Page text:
A notorious Queensland paedophile described as being a ticking "time bomb" for reoffending has made his latest legal bid for freedom.
Douglas Brian Jackway, once the prime suspect in the Daniel Morcombe murder case, is serving an indefinite sentence for the rape of a young girl and sexual assault of a boy in the 1990s.
The 41-year-old has made repeated attempts to be released but has so far been refused because he is considered a risk to the community.
Jackway made his annual application to be freed in the Brisbane Supreme Court on Monday.
His legal team argued he should be released into a community with other prisoners just outside the jail walls, where he would be monitored and fitted with a tracking device.
Several doctors gave evidence Jackway had made significant progress in the past year.
But all three agreed his antisocial personality disorder, ability to control his impulses and history of substance abuse continued to pose a risk.
Psychiatrist Dr Andrew Aboud said they could be mitigated to a degree through supervision.
"I think it needs to be pointed out that whatever measures are put in place, if any individual is living outside of a prison and they choose to reoffend, they can in fact reoffend," he said.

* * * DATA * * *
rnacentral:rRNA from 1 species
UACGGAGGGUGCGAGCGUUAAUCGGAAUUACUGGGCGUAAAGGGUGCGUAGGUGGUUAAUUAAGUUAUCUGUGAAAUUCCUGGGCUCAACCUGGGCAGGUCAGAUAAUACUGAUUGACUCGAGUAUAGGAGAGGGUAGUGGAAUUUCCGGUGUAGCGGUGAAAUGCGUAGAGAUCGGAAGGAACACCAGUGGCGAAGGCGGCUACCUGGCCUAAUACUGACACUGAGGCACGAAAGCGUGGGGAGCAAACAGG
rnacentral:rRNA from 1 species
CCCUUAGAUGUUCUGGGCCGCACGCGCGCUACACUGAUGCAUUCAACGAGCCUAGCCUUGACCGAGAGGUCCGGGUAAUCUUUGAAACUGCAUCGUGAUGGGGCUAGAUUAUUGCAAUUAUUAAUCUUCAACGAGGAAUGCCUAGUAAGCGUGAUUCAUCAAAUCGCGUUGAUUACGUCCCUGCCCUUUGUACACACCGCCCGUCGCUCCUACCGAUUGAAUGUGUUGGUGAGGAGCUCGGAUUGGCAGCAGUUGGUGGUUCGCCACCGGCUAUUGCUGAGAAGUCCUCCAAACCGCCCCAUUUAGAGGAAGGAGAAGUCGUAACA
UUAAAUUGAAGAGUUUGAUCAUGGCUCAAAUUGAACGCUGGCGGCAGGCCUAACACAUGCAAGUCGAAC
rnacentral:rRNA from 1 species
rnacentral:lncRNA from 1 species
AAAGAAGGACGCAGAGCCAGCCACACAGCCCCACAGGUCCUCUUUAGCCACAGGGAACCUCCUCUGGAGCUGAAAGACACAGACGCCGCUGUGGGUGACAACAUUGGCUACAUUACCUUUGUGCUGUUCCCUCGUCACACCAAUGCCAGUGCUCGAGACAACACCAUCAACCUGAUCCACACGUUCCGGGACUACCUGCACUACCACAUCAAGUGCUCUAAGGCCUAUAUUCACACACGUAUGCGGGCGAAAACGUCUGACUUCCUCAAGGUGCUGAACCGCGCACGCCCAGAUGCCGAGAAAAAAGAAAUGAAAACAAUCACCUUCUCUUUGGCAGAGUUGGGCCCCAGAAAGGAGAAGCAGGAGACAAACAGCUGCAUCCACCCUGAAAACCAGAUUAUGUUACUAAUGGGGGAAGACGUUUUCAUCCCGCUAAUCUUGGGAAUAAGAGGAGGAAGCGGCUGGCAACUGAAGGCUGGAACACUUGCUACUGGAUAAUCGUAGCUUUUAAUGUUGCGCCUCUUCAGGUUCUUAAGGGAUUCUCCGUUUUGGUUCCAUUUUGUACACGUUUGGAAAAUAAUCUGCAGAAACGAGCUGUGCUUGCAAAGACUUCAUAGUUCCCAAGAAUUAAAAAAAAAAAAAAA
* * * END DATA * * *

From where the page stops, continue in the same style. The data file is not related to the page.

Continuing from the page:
"It would be a case of catching up with him post-offence."
Dr Aboud said he did not think Jackway, who was himself abused as a child, would go looking for a victim but was more likely to reoffend if he became stressed and then resorted to drinking or taking drugs.
"Once he's intoxicated he's effectively in a very high-risk situation, in my view, like a time bomb that just takes a potential victim to cross him in order for him to go off."
The court heard Jackway was told at his 2017 review he needed to display good behaviour for a period of 12 months to even be considered for supervision.
Peter Dunning QC, representing the Queensland attorney-general, said although there had been a reduction in jailhouse incidents he still had a "way to go".
Defence barrister John Allen QC said the only incident of note was in July 2017 when he made threats to prison officers.
"There was no actual physical violence," he said.
"It's hard to put it above anything more than insubordinate verbal abuse."
Psychiatrist Dr Donald Grant said although Jackway appeared to be "getting a handle" on controlling his impulses, in his opinion he still needed to go 12 months incident-free before he was considered for supervised release.
"It's going to be very, very difficult for Mr Jackway to go into the community," he said.
"He's been in custody in one form or another for almost all of his life since he was 15."
Justice Graeme Crow will hand down his decision at a later date.
Australian Associated Press